Starbucks is flying high
2011 was a terrific year for the Seattle-based Starbucks coffee chain. The stock shot up 43% last year and recently hit record highs.
Financial commentator Greg Heberlein and KPLU's Dave Meyer look at the successful company on this week's Money Matters.
If you had purchased 100 shares of Starbucks stock when it went public back in 1992, it would have cost you $1700. That investment would be worth more than $150,000 today!
Starbucks is one of the greatest growth companies in the market today. When Howard Schultz bought the company in 1987, it had just nine stores, all in the Seattle area. How could such a little company take on the world?
The far-sighted Schultz has kept critics at bay by remaining innovative.
Starbucks established employee loyalty by offering an excellent benefit package. Initially a brewed coffee provider, Starbucks continually boasts new products. In no particular order, it has added coffee equipment and beans, pastries, lunch items, juice, selected CDs and Wi-fi capability.
One statistic said that 40 percent of coffee drinkers didn’t like Starbucks’ rich flavor. So last year, Starbucks introduced its blonde roast, a milder coffee.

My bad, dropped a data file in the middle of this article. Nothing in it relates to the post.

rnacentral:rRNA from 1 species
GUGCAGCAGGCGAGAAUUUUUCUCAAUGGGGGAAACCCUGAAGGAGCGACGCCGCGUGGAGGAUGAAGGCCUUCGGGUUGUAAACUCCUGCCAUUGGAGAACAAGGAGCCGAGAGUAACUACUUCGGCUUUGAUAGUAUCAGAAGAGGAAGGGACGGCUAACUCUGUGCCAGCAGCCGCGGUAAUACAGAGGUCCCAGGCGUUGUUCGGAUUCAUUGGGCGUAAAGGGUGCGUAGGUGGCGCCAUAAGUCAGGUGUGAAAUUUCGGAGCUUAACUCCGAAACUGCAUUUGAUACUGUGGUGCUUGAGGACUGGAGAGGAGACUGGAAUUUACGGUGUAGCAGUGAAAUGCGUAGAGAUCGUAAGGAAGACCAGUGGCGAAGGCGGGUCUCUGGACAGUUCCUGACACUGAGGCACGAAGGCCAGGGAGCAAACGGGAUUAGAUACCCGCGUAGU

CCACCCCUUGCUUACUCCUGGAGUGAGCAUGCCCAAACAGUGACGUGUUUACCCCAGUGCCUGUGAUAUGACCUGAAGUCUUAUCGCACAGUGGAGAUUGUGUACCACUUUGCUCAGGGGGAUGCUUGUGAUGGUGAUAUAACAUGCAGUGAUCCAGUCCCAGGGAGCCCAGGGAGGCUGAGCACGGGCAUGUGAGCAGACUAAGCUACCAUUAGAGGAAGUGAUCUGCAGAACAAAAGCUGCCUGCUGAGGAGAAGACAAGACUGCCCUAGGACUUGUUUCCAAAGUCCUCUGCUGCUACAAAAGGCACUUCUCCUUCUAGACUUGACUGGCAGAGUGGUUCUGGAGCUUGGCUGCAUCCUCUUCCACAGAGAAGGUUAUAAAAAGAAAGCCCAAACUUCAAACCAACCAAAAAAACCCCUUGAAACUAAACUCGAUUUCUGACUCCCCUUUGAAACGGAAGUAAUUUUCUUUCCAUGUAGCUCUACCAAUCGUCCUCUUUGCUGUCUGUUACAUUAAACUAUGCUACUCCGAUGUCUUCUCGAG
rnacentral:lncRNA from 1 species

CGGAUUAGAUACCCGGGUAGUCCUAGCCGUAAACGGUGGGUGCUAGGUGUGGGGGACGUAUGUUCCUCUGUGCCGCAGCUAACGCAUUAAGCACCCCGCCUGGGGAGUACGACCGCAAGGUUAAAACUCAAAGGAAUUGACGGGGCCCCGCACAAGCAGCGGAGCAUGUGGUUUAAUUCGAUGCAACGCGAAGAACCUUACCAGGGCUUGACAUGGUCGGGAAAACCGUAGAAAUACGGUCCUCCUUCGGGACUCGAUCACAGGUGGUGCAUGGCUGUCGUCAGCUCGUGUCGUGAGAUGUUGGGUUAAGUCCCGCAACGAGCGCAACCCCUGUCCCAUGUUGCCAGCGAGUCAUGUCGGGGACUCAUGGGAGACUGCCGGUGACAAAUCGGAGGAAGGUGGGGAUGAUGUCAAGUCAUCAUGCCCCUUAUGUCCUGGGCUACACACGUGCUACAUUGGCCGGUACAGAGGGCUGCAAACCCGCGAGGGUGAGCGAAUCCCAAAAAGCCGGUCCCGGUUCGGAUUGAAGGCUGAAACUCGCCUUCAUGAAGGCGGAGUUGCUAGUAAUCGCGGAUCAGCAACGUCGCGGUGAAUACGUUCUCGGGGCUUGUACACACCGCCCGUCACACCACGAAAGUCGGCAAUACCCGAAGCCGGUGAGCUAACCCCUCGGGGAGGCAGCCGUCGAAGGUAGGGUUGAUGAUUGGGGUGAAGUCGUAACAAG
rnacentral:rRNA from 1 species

Analysts said that when the economy slacked off, those willing to pay $4 for a latte would fall off significantly. When McDonald’s began selling lattes, analyst figured the world’s most popular low-cost food provider would eat into Starbucks’ business.
Skeptics scoffed when Starbucks announced plans to invade Asia, where tea is the preferred drink of the day. It now has more than a 1,000 stores in Japan and 500 in China. It plans to triple its Chinese presence within three years. And it expects to enter India this year. China and India account for more than a third of the world’s 7 billion people.
Starbucks now has 19,000 stores. It'll open open more than two stores each day this year all around the globe.
Will it ever end?
There is an adage called the law of large numbers. It says that as a company grows, it eventually will be unable to maintain its growth rate. Microsoft, now barely a third of what it was worth at its peak in 1999, knows all about the law of large numbers.
But that doesn’t mean Starbucks will see growth diminish in the foreseeable future.
While Greg doesn't feel like he's in a position to recommend anyone buy or sell the stock right now, he believes company's future looks bright.